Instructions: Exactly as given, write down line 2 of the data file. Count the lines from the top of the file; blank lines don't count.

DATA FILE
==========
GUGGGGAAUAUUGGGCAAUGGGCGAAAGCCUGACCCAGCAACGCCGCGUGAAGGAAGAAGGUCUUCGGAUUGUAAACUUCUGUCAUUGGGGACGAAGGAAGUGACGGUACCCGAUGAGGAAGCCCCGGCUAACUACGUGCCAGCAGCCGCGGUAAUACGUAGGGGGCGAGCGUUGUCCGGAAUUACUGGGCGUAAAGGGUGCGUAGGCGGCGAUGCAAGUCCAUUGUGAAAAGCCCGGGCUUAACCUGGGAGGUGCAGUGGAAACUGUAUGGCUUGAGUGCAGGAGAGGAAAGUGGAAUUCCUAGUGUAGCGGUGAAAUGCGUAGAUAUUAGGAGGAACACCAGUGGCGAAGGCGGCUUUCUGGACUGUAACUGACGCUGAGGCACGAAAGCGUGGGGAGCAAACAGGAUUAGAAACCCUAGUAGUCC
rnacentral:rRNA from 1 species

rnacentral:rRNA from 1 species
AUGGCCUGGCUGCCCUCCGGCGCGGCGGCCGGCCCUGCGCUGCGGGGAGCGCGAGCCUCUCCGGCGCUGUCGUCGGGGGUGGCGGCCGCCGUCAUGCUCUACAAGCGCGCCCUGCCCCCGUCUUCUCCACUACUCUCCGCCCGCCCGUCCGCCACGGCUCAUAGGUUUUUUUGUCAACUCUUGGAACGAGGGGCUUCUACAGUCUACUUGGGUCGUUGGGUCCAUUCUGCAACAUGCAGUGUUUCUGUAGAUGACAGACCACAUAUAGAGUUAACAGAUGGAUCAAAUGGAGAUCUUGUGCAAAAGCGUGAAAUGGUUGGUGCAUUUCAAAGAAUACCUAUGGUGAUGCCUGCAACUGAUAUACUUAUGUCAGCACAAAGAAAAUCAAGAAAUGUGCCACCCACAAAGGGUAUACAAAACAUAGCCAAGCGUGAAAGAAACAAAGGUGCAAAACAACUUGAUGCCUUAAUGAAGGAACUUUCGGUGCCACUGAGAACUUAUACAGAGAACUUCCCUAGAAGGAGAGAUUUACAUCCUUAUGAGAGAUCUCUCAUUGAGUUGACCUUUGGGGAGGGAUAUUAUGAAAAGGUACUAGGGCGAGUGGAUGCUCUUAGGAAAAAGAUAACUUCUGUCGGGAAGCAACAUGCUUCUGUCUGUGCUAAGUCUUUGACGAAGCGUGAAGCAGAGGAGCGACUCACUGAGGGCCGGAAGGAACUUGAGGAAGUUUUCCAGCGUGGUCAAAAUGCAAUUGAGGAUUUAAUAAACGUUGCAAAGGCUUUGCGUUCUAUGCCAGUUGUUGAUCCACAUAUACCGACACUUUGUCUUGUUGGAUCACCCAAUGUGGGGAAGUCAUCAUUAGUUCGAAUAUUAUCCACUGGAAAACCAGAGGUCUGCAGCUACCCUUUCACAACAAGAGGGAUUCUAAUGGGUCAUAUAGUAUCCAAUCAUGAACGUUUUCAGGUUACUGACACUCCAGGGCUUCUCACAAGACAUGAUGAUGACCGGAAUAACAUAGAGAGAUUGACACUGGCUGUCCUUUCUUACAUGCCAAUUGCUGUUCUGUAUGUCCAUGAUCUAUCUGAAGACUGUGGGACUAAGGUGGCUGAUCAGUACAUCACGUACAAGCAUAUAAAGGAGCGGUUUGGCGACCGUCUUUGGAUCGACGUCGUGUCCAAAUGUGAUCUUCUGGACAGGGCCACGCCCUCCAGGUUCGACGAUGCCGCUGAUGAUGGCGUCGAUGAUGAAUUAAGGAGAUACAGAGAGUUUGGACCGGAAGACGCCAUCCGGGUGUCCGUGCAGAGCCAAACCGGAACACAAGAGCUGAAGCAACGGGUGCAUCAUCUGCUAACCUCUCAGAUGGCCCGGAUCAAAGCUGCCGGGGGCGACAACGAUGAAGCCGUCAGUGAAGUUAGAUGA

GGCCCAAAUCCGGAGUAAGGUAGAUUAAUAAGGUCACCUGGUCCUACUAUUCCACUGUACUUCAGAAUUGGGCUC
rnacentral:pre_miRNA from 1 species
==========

rnacentral:rRNA from 1 species